When you’re given the title pastor, you’re given the incomprehensible responsibility to walk alongside your congregation in their darkest hours. No amount of training can prepare you for these moments. I remember with great clarity the first time a church member told me, “I was raped.”
April is Sexual Assault Awareness Month (SAAM). Sexual assault is any sexual activity where consent is not obtained or freely given. It’s a horrible reality for countless Americans. 1 in 6 women and 1 in 33 men will experience sexual violence in their lifetime.
Given the caring and confidential nature of the pastoral relationship, survivors often feel comfortable disclosing sexual assaults to their pastors. Yet in my experience most pastors feel underprepared to respond appropriately to disclosures of sexual assault in their congregations.
Over the past two years I’ve had seven women disclose recent and past sexual assaults. I’ve walked alongside a woman who wanted to take her own life because of a recent rape. I’ve had congregants who were drugged. I’ve had congregants who have lived the majority of their lives haunted by sexual assaults from their childhood.
After fumbling through the first disclosure I was determined to be prepared next time. With the help of resources like The Cry of Tamar and my local domestic violence agency I’ve learned a few valuable insights into what to say in these difficult moments.
WHAT TO SAY:
Be calm and reassuring: Your presence should make your congregant feel safe.
Ask if they feel safe: It’s important to make sure that your congregant is no longer in danger.
Validate their feelings: It important for your congregant to feel like their feelings are acceptable. Recognize their feelings and show your acceptance of them.
Express appreciation: Disclosing a sexual assault is extremely difficult for anyone to do. Be sure to thank your congregant for their bravery and assure them of confidentiality.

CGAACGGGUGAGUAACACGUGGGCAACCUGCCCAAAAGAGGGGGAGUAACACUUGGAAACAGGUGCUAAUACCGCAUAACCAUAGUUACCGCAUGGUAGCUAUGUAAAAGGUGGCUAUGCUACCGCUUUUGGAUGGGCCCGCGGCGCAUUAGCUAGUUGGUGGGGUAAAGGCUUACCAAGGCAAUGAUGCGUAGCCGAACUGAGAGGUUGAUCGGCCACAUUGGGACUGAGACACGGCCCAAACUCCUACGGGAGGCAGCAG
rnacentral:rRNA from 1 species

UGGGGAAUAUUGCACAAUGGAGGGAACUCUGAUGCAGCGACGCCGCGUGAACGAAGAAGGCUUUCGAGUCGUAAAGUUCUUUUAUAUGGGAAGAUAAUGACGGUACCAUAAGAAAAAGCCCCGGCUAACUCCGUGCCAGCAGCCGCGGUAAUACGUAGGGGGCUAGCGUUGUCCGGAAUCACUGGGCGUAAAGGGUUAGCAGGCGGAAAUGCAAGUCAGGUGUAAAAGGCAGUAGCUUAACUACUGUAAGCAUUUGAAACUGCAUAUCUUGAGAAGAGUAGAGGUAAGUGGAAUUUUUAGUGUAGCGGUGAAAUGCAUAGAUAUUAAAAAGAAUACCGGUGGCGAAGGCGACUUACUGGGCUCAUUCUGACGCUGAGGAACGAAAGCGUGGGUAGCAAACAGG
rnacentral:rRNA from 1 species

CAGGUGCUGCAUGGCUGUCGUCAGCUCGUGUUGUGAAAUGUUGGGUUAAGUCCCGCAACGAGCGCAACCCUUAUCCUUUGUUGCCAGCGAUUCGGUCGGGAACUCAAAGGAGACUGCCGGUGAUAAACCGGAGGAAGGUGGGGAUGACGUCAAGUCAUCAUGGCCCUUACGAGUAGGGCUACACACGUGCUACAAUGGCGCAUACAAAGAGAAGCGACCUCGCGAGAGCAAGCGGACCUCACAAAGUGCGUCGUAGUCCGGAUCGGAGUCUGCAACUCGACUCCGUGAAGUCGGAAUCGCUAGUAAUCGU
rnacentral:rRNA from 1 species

Refer to a local agency: This is so important. Stop reading this and figure out what resources are available in your community for sexual assault survivors. I am blessed to live in a town with a fantastic agency committed to helping survivors. Tell your congregant about the resource and offer to go with them. Do not try to do all the counseling yourself!
WHAT NOT TO SAY:
Doubt the truth of their story: False reports are very rare and you should never assume a congregant is lying about sexual assault.
Ask a lot of questions: If a congregant discloses a sexual assault to you it’s appropriate to ask if they want to talk about it. However, it’s not appropriate to ask lots of specific questions. They will share what they want you to know.
Have an expectation of how a survivor should act: Responses to sexual assault vary greatly and there is not one right way to respond. Sexual assault takes away power from a survivor and it’s important that they regain that power. Therefore, it’s important for you not to insist on a certain way of responding. You should never force a survivor to report or disclose to others.
*This list is by no means exhaustive and each situation is unique. I hope this can be starting point for you as you seek to be better prepared to care for those who God has entrusted to you.
Learn more here.